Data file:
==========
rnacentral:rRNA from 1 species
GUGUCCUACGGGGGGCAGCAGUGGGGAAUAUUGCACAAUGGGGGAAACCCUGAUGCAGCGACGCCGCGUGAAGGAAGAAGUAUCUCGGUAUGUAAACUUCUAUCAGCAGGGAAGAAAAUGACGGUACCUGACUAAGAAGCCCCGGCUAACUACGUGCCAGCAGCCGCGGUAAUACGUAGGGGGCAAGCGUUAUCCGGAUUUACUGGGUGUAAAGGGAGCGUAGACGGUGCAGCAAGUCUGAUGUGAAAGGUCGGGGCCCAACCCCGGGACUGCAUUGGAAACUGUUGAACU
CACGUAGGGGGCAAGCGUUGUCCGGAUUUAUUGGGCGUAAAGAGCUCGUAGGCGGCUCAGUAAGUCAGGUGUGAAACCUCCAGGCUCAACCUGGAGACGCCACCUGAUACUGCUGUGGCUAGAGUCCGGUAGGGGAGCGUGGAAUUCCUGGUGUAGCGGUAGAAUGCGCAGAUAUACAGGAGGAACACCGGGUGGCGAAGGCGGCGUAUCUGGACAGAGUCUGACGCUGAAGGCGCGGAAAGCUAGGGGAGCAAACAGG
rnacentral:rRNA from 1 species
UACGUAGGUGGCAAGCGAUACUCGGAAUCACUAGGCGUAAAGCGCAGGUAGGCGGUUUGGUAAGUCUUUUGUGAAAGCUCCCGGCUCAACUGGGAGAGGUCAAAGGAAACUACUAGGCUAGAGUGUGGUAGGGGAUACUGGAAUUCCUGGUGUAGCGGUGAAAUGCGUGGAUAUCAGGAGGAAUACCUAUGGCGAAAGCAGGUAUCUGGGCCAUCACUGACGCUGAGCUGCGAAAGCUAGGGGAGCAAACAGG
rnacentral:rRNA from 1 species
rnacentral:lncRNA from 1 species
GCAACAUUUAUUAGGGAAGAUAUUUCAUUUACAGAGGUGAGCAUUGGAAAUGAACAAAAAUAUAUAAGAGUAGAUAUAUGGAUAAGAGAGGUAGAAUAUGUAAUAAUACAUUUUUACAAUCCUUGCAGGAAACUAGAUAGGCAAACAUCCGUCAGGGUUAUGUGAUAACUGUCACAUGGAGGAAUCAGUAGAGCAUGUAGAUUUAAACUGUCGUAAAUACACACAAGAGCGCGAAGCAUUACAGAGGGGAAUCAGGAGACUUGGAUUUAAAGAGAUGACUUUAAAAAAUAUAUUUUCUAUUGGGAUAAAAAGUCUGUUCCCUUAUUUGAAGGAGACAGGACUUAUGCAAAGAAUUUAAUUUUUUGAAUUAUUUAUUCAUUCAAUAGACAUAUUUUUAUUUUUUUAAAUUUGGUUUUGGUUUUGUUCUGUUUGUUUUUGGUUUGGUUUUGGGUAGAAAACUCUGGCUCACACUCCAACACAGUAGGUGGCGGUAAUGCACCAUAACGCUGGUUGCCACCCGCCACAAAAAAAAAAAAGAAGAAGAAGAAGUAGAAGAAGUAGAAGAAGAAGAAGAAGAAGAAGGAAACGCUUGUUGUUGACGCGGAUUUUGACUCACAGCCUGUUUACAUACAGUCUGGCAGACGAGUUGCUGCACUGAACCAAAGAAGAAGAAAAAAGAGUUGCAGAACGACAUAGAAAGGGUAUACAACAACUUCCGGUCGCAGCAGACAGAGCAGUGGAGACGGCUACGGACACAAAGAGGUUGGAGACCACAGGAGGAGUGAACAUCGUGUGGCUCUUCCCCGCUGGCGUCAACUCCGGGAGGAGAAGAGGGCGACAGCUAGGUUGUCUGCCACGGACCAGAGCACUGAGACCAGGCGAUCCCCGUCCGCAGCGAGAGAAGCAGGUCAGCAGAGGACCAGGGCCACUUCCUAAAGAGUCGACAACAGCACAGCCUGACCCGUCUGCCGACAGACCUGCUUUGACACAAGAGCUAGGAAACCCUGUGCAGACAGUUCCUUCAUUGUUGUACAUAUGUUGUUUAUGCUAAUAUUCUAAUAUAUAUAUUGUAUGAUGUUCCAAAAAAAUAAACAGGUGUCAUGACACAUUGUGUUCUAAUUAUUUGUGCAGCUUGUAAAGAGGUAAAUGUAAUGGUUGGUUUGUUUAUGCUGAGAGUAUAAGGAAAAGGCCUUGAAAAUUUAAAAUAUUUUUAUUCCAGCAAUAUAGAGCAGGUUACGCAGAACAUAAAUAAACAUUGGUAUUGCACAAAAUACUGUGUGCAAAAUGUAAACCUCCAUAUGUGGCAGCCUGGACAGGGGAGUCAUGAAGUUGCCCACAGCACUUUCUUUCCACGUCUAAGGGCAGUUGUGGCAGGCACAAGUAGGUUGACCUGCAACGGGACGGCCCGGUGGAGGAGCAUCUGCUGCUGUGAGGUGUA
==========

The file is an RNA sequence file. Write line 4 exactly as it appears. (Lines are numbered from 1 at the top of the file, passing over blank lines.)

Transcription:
rnacentral:rRNA from 1 species